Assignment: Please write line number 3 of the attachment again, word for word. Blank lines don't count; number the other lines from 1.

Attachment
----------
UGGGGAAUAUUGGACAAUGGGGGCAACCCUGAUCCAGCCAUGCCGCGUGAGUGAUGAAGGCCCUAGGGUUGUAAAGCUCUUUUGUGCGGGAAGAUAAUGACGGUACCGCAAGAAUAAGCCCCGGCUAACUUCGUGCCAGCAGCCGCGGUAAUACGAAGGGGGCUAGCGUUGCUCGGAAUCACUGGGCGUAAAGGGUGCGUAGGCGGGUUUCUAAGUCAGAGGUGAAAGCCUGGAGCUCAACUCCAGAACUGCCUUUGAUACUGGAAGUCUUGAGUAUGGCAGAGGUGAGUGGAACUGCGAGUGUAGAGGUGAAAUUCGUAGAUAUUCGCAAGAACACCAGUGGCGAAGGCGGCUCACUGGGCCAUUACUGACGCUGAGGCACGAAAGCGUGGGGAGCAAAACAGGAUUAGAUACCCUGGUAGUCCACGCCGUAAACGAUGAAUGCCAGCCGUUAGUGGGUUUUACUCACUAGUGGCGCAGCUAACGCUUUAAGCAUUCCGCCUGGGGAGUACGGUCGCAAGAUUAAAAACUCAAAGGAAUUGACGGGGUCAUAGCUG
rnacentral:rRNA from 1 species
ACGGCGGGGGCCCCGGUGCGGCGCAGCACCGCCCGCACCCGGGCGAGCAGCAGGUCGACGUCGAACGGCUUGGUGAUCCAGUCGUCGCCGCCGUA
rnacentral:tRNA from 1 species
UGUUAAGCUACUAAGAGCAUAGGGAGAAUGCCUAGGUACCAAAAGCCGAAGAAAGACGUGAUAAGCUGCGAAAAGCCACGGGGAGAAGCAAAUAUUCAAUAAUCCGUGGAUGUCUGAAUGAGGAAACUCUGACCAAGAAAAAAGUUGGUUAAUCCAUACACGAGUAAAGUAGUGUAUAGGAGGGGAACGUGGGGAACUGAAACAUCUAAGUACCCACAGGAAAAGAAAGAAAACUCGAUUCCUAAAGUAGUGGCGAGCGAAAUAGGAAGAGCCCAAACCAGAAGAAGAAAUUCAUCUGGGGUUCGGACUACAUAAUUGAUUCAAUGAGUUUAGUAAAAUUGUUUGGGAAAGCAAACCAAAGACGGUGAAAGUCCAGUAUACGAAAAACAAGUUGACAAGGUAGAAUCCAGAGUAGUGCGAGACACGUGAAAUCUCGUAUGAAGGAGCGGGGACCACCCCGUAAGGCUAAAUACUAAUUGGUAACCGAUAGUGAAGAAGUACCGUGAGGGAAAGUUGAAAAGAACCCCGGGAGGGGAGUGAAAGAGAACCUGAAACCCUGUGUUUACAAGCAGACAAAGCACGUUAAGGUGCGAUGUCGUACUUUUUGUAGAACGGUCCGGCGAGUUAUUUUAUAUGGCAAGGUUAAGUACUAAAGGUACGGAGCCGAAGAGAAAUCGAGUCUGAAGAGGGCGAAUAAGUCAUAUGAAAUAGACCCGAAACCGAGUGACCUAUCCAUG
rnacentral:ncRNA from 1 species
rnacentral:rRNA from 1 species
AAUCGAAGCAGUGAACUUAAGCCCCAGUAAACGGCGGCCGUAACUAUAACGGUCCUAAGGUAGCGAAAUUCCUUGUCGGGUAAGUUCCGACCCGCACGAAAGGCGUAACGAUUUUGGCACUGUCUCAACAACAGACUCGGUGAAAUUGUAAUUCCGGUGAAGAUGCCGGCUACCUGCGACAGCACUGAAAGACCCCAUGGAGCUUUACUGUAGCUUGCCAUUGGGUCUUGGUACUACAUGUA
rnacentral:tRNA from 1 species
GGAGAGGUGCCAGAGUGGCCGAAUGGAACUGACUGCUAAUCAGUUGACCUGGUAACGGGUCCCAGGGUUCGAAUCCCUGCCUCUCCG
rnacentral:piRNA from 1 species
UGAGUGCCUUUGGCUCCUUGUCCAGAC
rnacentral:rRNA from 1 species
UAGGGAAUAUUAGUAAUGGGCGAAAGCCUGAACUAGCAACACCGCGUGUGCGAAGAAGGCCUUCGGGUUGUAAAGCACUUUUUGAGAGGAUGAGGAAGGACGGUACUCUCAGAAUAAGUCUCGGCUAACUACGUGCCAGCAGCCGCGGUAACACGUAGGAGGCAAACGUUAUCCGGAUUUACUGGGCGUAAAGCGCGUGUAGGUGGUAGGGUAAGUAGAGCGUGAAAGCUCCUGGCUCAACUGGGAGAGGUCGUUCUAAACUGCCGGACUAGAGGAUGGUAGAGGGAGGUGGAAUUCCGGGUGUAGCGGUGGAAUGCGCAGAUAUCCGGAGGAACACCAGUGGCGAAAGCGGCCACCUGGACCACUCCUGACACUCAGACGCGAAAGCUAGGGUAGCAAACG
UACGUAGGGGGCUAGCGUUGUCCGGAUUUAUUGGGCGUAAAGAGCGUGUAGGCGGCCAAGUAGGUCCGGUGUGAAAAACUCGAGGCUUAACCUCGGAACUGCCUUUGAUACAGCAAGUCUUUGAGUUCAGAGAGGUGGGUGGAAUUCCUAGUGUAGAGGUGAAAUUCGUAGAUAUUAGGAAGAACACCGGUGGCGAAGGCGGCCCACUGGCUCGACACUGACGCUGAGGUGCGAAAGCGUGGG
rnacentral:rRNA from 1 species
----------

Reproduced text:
ACGGCGGGGGCCCCGGUGCGGCGCAGCACCGCCCGCACCCGGGCGAGCAGCAGGUCGACGUCGAACGGCUUGGUGAUCCAGUCGUCGCCGCCGUA